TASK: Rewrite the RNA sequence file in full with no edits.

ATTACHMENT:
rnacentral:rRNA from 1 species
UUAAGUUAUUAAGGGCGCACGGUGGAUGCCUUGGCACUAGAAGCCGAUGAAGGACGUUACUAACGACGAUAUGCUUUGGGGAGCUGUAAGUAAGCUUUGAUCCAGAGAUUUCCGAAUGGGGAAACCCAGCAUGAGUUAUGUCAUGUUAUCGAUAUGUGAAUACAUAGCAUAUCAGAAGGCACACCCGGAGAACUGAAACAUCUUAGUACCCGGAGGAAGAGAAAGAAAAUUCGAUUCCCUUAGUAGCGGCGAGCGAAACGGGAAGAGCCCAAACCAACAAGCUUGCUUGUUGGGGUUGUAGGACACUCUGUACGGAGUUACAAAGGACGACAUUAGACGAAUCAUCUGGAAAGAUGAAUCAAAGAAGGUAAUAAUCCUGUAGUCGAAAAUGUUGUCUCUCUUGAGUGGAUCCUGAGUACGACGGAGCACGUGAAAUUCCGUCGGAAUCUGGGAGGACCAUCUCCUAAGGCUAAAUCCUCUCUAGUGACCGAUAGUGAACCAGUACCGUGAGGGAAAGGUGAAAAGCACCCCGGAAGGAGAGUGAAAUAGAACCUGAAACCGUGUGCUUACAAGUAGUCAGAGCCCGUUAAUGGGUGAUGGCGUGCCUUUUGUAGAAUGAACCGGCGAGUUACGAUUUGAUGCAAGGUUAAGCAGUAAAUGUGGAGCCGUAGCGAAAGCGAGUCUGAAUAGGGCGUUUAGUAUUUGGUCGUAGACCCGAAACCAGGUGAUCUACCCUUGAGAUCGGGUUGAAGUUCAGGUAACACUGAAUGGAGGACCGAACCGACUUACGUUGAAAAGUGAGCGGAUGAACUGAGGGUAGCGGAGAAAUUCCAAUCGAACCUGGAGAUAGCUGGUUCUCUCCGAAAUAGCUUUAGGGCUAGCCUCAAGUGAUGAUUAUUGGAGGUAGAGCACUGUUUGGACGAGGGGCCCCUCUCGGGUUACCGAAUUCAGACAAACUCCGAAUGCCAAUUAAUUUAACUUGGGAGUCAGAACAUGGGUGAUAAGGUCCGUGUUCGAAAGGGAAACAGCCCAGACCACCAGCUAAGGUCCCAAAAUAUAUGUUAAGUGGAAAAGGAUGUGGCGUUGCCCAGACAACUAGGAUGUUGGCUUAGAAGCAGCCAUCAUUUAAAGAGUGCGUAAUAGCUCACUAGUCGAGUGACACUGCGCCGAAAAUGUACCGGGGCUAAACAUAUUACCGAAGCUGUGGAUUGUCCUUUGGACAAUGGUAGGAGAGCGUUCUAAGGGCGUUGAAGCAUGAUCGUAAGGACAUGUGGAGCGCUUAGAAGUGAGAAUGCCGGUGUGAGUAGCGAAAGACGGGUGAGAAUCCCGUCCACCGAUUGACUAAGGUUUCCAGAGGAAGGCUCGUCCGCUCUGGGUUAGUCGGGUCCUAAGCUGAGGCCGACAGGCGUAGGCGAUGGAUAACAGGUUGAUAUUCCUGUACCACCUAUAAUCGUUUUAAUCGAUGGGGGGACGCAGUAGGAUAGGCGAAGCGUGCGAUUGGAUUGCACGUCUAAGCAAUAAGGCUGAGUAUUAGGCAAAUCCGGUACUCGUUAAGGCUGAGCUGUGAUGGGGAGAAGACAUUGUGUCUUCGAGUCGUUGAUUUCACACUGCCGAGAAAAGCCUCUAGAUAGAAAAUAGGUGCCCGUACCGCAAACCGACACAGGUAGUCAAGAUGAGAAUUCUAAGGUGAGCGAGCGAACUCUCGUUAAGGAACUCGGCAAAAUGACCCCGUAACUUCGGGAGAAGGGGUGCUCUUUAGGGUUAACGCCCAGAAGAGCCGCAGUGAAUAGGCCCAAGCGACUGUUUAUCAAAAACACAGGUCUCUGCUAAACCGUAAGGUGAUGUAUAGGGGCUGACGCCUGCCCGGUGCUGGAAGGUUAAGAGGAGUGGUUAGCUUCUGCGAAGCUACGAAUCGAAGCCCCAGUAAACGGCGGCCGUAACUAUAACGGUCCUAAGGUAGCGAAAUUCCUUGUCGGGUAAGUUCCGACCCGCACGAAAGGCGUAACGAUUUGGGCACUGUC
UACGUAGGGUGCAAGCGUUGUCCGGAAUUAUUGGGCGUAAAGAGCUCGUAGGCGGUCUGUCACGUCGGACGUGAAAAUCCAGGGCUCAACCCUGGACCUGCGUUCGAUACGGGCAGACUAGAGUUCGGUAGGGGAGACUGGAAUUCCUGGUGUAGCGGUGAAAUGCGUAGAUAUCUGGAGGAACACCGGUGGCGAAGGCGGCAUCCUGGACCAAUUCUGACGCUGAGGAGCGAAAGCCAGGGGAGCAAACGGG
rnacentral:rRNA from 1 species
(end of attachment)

rnacentral:rRNA from 1 species
UUAAGUUAUUAAGGGCGCACGGUGGAUGCCUUGGCACUAGAAGCCGAUGAAGGACGUUACUAACGACGAUAUGCUUUGGGGAGCUGUAAGUAAGCUUUGAUCCAGAGAUUUCCGAAUGGGGAAACCCAGCAUGAGUUAUGUCAUGUUAUCGAUAUGUGAAUACAUAGCAUAUCAGAAGGCACACCCGGAGAACUGAAACAUCUUAGUACCCGGAGGAAGAGAAAGAAAAUUCGAUUCCCUUAGUAGCGGCGAGCGAAACGGGAAGAGCCCAAACCAACAAGCUUGCUUGUUGGGGUUGUAGGACACUCUGUACGGAGUUACAAAGGACGACAUUAGACGAAUCAUCUGGAAAGAUGAAUCAAAGAAGGUAAUAAUCCUGUAGUCGAAAAUGUUGUCUCUCUUGAGUGGAUCCUGAGUACGACGGAGCACGUGAAAUUCCGUCGGAAUCUGGGAGGACCAUCUCCUAAGGCUAAAUCCUCUCUAGUGACCGAUAGUGAACCAGUACCGUGAGGGAAAGGUGAAAAGCACCCCGGAAGGAGAGUGAAAUAGAACCUGAAACCGUGUGCUUACAAGUAGUCAGAGCCCGUUAAUGGGUGAUGGCGUGCCUUUUGUAGAAUGAACCGGCGAGUUACGAUUUGAUGCAAGGUUAAGCAGUAAAUGUGGAGCCGUAGCGAAAGCGAGUCUGAAUAGGGCGUUUAGUAUUUGGUCGUAGACCCGAAACCAGGUGAUCUACCCUUGAGAUCGGGUUGAAGUUCAGGUAACACUGAAUGGAGGACCGAACCGACUUACGUUGAAAAGUGAGCGGAUGAACUGAGGGUAGCGGAGAAAUUCCAAUCGAACCUGGAGAUAGCUGGUUCUCUCCGAAAUAGCUUUAGGGCUAGCCUCAAGUGAUGAUUAUUGGAGGUAGAGCACUGUUUGGACGAGGGGCCCCUCUCGGGUUACCGAAUUCAGACAAACUCCGAAUGCCAAUUAAUUUAACUUGGGAGUCAGAACAUGGGUGAUAAGGUCCGUGUUCGAAAGGGAAACAGCCCAGACCACCAGCUAAGGUCCCAAAAUAUAUGUUAAGUGGAAAAGGAUGUGGCGUUGCCCAGACAACUAGGAUGUUGGCUUAGAAGCAGCCAUCAUUUAAAGAGUGCGUAAUAGCUCACUAGUCGAGUGACACUGCGCCGAAAAUGUACCGGGGCUAAACAUAUUACCGAAGCUGUGGAUUGUCCUUUGGACAAUGGUAGGAGAGCGUUCUAAGGGCGUUGAAGCAUGAUCGUAAGGACAUGUGGAGCGCUUAGAAGUGAGAAUGCCGGUGUGAGUAGCGAAAGACGGGUGAGAAUCCCGUCCACCGAUUGACUAAGGUUUCCAGAGGAAGGCUCGUCCGCUCUGGGUUAGUCGGGUCCUAAGCUGAGGCCGACAGGCGUAGGCGAUGGAUAACAGGUUGAUAUUCCUGUACCACCUAUAAUCGUUUUAAUCGAUGGGGGGACGCAGUAGGAUAGGCGAAGCGUGCGAUUGGAUUGCACGUCUAAGCAAUAAGGCUGAGUAUUAGGCAAAUCCGGUACUCGUUAAGGCUGAGCUGUGAUGGGGAGAAGACAUUGUGUCUUCGAGUCGUUGAUUUCACACUGCCGAGAAAAGCCUCUAGAUAGAAAAUAGGUGCCCGUACCGCAAACCGACACAGGUAGUCAAGAUGAGAAUUCUAAGGUGAGCGAGCGAACUCUCGUUAAGGAACUCGGCAAAAUGACCCCGUAACUUCGGGAGAAGGGGUGCUCUUUAGGGUUAACGCCCAGAAGAGCCGCAGUGAAUAGGCCCAAGCGACUGUUUAUCAAAAACACAGGUCUCUGCUAAACCGUAAGGUGAUGUAUAGGGGCUGACGCCUGCCCGGUGCUGGAAGGUUAAGAGGAGUGGUUAGCUUCUGCGAAGCUACGAAUCGAAGCCCCAGUAAACGGCGGCCGUAACUAUAACGGUCCUAAGGUAGCGAAAUUCCUUGUCGGGUAAGUUCCGACCCGCACGAAAGGCGUAACGAUUUGGGCACUGUC
UACGUAGGGUGCAAGCGUUGUCCGGAAUUAUUGGGCGUAAAGAGCUCGUAGGCGGUCUGUCACGUCGGACGUGAAAAUCCAGGGCUCAACCCUGGACCUGCGUUCGAUACGGGCAGACUAGAGUUCGGUAGGGGAGACUGGAAUUCCUGGUGUAGCGGUGAAAUGCGUAGAUAUCUGGAGGAACACCGGUGGCGAAGGCGGCAUCCUGGACCAAUUCUGACGCUGAGGAGCGAAAGCCAGGGGAGCAAACGGG
rnacentral:rRNA from 1 species